Branstad: 'Agriculture is going through challenging times again'
Governor expresses rural concerns at bankers' conference
ALTOONA — Gov. Terry Branstad and top legislative leaders expressed concern Thursday over new challenges facing rural communities and worries that commodity prices are lagging below the cost of production even as farmers are preparing for the potential of a bumper harvest.
Branstad told a conference of Iowa community bankers the state’s farmers are facing a third consecutive year of corn prices below the production cost — a trend he blamed in part on federal policies dealing with renewable fuel standards and water regulations that have caused farmers to pull back on purchases, leading to layoffs by farm equipment makers and other economic ripple effects.
“Agriculture is going through challenging times again,” said Branstad, although he noted the situation does not compare to the farm-debt crisis of the 1980s because interest rates are much lower and there isn’t nearly the debt load that farmers were carrying then. He said he suspects there were bankers in attendance Thursday who probably had borrowers feeling some financial stress, however.
“We can’t go on year after year of having farm income depressed,” the governor said, “eventually that catches up with us.”
Branstad said he was heartened to learn last spring that FFA participation by Iowa young people hit a record and he credited the state’s Aug. 23 school start date with re-energizing participation at agricultural competitions at this year’s Iowa State Fair.
“I think interest in agriculture is growing,” he said.
However, a panel of legislators told the banking conference they expected the trend toward rural school district consolidations and sharing arrangements would continue as resources tighten and populations shrink.
Sen. Jack Whitver, R-Ankeny, said lawmakers could aid areas of the state struggling financially by cutting bureaucratic strings on per-pupil state funding to schools to allow local districts more flexibility in making choices on how best to use limited funds to educate their students.
“Until we cut some of those strings and let our local school boards do their jobs and determine how that money is spent, these schools are going to continue to struggle,” Whitver said. “If you don’t like what’s going on in your school district, it’s easier for you guys to overthrow three of your board members than it is to come and change all of our minds at the Capitol. So let’s give them the power to educate the kids locally like they need. I think that’s the No. 1 thing we could do.”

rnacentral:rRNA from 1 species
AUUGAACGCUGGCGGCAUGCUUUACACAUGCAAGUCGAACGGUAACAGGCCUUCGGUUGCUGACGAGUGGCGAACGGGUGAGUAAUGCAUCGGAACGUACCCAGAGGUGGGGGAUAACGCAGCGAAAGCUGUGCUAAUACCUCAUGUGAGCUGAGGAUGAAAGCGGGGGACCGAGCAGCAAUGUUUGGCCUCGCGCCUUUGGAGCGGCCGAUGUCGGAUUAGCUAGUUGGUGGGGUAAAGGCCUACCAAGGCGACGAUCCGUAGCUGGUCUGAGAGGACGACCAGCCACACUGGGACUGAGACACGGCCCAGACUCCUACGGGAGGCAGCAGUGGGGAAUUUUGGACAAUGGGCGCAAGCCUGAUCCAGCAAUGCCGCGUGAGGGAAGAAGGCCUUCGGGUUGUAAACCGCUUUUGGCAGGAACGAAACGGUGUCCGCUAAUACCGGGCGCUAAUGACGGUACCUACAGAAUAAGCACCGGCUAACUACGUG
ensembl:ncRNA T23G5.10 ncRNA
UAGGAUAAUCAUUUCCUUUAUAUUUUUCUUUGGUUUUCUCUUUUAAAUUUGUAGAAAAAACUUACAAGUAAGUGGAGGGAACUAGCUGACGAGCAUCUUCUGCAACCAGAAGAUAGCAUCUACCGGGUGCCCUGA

House Speaker Linda Upmeyer, R-Clear Lake, agreed with bankers’ suggestion that state economic development incentives and strategies involve all parts of Iowa, not just the major urban centers, while House Democratic Leader Mark Smith said a stronger case needs to be made for revitalizing Iowa communities facing growing pressures.
When asked about the future of having courthouses in all of Iowa’s 99 counties, the legislators said it is a very difficult issue politically to mess with county lines or township boundaries.
“I think what we may see happen first more than an elimination of counties or combining of counties will be continuing this process of having joint services” like the regional delivery of mental health services, Smith said, “and more services provided electronically to people.”
Upmeyer said she expected technology advances would usher in changes, telling the community bankers “I think we’ll naturally evolve into something different.”
Smith thanked bankers who have loaned money or granted some forbearance to health care providers being pinched financially during a “bumpy” transition to Medicaid managed care marked by some delays in service reimbursements.
“The biggest concern right now is getting paid for services,” Smith said.
Whitver said the transition from the April 1 changeover for Iowa’s 500,000 Medicaid clients is taking some time and requires legislative cooperation, not scoring political points, as the system moves from a state-run operation that was not financially sustainable to one managed by three private contractors.
“We had to make this change and we did make this change. It’s not changing back,” he said. “Now that it’s ours, we’ve got to make it the best we can. We have to come together as Republicans and Democrats in the Senate and the House and make sure that our constituents are getting the best services that they need.”
Lawmakers are slated to spend time Monday reviewing initial data for the new Medicaid delivery system.